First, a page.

The Children's Trust Fund supports grants to 44 counties. During the past year over 68,000 parents, children, professionals and community members received face-to-face support or training through these programs. Over 70,000 educational materials made it into the hands of parents, professionals and the public.
The Children's Trust Fund also supports efforts to prevent shaken baby syndrome and Sudden Unexpected Infant Deaths, where otherwise healthy babies die due to accidental suffocation and unsafe sleep conditions. This is the leading cause of deaths for infants under 1 year in West Virginia, and yet the Governor's budget proposes cutting funds for these programs. We lose 35 babies every year in West Virginia due to entirely preventable sleep-related deaths. That's one child every 10 days. It doesn't take the wisdom of Solomon to know that cutting the funding to these programs is a bad idea.
Equally disturbing are proposed cuts of over 14 percent to domestic violence programs and 7.5 percent to the domestic violence legal fund.
Consider this: On any given day, West Virginia domestic violence programs provide services to around 500 women, children and men. Someone calls a domestic violence hotline every nine minutes. In 2010, nearly 15,000 domestic violence cases were filed in West Virginia family courts. One-third of all homicides in West Virginia are related to domestic violence and over two-thirds of all women murdered in the state are killed by a family or household member.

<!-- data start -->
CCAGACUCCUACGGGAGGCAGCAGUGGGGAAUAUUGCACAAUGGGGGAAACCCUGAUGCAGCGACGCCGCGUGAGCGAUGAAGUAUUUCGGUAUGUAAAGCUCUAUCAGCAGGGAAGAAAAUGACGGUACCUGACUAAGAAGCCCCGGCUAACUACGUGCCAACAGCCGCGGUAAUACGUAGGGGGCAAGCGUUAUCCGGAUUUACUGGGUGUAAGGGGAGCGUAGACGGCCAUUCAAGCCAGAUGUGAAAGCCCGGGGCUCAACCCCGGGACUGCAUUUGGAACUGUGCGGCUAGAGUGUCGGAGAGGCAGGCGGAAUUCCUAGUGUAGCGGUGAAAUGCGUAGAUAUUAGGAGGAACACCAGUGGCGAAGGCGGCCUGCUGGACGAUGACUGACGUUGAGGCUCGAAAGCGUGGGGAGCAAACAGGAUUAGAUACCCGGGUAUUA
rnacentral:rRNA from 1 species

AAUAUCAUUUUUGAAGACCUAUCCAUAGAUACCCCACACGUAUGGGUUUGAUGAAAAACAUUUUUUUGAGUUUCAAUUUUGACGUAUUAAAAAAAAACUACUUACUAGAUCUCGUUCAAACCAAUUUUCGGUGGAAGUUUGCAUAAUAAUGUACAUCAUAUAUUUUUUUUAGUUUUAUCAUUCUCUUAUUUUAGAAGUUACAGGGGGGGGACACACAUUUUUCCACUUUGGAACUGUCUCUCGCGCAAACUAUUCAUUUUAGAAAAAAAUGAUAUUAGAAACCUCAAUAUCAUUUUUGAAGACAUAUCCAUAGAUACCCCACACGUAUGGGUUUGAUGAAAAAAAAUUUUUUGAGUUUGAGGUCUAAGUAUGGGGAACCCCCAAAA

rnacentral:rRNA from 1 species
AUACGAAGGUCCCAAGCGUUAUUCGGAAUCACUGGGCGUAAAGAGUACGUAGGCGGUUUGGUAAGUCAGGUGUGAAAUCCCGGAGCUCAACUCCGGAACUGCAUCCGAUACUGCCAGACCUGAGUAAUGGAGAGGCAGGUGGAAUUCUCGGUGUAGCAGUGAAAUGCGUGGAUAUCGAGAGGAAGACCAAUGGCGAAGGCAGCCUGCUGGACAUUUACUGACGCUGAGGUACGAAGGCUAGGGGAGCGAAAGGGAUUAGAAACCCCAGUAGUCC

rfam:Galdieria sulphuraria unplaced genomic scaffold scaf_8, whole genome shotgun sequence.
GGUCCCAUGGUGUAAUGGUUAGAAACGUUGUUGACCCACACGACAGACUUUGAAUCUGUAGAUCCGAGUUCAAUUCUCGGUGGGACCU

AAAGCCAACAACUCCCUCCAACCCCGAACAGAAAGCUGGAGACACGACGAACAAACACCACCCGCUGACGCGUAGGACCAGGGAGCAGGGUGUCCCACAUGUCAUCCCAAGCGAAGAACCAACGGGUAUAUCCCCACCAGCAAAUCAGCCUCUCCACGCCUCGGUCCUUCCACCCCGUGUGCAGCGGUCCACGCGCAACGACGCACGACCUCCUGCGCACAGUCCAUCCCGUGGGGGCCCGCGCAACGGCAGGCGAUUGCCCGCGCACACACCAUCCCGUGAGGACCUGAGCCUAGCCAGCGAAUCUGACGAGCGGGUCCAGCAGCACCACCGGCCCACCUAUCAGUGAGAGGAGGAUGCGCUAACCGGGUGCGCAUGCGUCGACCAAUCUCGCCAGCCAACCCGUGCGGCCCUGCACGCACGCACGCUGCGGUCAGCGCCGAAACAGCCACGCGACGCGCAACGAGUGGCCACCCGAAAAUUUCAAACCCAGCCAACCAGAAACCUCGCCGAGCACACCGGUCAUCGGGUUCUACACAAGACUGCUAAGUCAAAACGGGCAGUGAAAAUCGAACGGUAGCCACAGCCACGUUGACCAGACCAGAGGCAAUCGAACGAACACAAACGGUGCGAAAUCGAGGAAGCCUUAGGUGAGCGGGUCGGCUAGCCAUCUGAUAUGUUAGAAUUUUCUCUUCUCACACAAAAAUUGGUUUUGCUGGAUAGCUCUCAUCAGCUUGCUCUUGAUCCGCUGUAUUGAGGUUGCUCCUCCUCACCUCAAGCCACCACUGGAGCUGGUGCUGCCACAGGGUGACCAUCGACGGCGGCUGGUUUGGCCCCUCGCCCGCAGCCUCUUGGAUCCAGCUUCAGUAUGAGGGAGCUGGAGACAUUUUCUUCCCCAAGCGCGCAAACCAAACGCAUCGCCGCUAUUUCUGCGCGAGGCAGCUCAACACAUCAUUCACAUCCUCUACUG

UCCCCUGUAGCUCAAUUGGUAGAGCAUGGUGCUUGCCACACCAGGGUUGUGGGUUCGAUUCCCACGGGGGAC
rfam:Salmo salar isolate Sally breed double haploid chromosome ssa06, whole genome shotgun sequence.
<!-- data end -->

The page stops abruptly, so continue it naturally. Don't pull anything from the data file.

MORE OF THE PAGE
Child advocacy centers, which coordinate services for abused and neglected children throughout the state, have been targeted with a 7.4 percent funding cut. Family Resource Networks, which are local coalitions that improve services for children and families, and Family Resource Centers, which provide key services in one location, face funding reductions of 8.5 percent. These services help to leverage resources in local communities far beyond the little they receive from the state.
The proposed budget even slices 25 percent from early childhood home visiting programs, despite the fact that these have been proven to prevent child abuse, reduce the number of low-birth weight babies, and promote health and better educational outcomes. Research confirms that these programs help families succeed, so that their children are ready for school and have the safe, healthy lives they deserve. In fact, a task force recently convened by the governor has recommended expanding these programs, rather than reducing them.
Taken all together, these cuts amount to around $980,000 -- less than two one-thousandths of the state budget, yet they would do great harm to these services and to those who must rely on them.
On behalf of the West Virginia Council of Churches and its constituent members, I urge Gov. Tomblin and the Legislature to restore funding to these vital programs. West Virginians care about children and families.
We need to make sure our treasure is where our heart is.
Klusmeyer is bishop of the Episcopal Diocese of West Virginia and president of the West Virginia Council of Churches.